“Be not angry that you cannot make others as you wish them to be, since you cannot make yourself as you wish to be.” ~Thomas à Kempis
Gospel text (Lk 17,1-6): Jesus said to his disciples,
"Things that cause sin will inevitably occur,
but woe to the one through whom they occur.
It would be better for him if a millstone were put around his neck
and he be thrown into the sea
than for him to cause one of these little ones to sin.
Be on your guard!
If your brother sins, rebuke him;
and if he repents, forgive him.
And if he wrongs you seven times in one day
and returns to you seven times saying, "I am sorry,"
you should forgive him."
And the Apostles said to the Lord, "Increase our faith."
The Lord replied, "If you have faith the size of a mustard seed,
you would say to this mulberry tree,
'Be uprooted and planted in the sea,' and it would obey you."
While studying the readings for today at Mass, I noticed a common theme: God’s presence in our lives. Not just when we pray or go to church, but in the smallest, most seemingly insignificant of moments. Not just when we’re on our best behavior and doing everything as we ought, but when we disobey and ignore him.
I’m afraid we often see God as disconnected, separate from us in his Kingdom in the sky, if you will. Being reminded of his constant presence thus initially gave me pause; I did not like the idea that God was watching my every stumble and failure, knowing “when I sit and when I stand” and aware of every thought and word before it even enters my mind. To have all my shortcomings laid out, completely bare, before the one that I desire to please the most, sounds awful. I found myself wondering how I could hide, much like in Psalms 139:7, “Where can I go from your spirit? From your presence where can I flee?” My options, it appears are limited, for “If I go up to the heavens, you are there; if I sink to the nether world, you are present there.”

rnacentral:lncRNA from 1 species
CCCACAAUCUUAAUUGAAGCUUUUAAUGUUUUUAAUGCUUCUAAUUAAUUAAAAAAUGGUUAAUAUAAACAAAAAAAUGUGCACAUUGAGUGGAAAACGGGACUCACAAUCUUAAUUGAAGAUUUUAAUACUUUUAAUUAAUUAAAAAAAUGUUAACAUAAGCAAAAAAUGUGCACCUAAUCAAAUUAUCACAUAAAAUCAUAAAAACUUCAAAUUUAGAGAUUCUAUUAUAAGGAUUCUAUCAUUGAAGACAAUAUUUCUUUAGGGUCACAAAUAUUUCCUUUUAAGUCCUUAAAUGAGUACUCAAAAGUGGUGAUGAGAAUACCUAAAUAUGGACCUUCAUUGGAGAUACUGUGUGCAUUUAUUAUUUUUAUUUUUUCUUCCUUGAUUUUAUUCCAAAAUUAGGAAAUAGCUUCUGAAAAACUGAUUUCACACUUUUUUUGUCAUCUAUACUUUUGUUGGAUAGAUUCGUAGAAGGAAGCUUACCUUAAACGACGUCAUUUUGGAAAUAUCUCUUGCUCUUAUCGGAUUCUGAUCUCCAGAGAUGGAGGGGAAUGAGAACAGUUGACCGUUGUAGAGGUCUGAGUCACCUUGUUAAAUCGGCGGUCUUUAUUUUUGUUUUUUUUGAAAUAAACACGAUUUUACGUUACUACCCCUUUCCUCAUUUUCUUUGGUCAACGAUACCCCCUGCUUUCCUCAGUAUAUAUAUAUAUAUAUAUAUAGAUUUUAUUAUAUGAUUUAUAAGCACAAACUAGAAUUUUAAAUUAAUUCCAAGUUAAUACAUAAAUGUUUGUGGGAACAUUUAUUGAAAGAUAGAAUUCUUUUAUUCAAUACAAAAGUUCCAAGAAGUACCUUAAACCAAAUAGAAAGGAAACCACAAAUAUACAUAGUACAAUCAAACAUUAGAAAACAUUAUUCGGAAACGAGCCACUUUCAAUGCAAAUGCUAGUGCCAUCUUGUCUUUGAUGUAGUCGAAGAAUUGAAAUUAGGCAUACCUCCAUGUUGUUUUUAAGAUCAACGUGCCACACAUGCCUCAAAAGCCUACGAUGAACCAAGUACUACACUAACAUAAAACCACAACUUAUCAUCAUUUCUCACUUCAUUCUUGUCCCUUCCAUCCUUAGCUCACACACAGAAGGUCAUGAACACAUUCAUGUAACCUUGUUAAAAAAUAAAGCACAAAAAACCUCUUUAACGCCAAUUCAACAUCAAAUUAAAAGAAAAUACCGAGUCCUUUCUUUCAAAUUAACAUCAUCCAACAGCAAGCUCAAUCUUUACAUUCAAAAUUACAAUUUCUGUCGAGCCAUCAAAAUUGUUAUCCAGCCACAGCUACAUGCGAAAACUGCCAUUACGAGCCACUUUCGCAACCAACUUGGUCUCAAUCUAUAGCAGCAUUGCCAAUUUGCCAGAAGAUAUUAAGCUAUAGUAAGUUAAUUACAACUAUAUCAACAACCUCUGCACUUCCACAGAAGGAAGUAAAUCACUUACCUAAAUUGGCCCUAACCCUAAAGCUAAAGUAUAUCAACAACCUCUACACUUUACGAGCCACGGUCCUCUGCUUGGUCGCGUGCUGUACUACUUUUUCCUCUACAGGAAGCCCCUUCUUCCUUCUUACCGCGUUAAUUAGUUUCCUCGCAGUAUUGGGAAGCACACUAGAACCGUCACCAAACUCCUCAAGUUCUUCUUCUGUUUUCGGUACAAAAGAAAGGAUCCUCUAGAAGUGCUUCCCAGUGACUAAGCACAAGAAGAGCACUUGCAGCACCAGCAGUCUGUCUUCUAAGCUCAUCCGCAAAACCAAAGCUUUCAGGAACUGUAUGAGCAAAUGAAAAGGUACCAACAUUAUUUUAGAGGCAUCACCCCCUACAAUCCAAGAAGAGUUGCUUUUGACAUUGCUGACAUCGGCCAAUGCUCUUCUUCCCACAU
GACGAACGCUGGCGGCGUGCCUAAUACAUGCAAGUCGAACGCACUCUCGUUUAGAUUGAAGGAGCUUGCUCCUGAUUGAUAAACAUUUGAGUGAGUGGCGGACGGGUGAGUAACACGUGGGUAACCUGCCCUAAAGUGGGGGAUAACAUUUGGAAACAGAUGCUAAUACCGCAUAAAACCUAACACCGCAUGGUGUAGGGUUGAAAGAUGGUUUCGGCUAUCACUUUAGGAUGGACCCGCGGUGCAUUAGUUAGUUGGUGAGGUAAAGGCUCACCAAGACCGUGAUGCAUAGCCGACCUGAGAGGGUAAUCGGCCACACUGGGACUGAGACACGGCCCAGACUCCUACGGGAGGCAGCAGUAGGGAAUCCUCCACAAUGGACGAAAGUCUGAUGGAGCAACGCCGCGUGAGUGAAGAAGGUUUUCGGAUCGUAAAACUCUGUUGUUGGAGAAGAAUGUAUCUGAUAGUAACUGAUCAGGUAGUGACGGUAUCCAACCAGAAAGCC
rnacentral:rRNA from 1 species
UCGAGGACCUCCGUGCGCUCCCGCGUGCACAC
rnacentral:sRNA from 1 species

But the more I read, the more I found to comfort my agitation. God may be there to see every fault and mistake, but he is also steadfastly there to pick us up again and set us on the right path. In the Responsorial Psalm, the response says, “guide me, Lord, along the everlasting way.” It is a plea for God’s assistance but also a guarantee that he will always be there to help. “If I take the wings of the dawn, if I settle at the farthest limits of the sea, even there your hand shall guide me, and your right hand hold me fast.” In the Gospel of Luke, Jesus tells us that as many times as another sins against us but then asks for forgiveness, we are to forgive him. This is an illustration of what God does for us; he is always there to guide and forgive us. All we have to do is ask in the Sacrament of Reconciliation!
And that is a comforting thought indeed.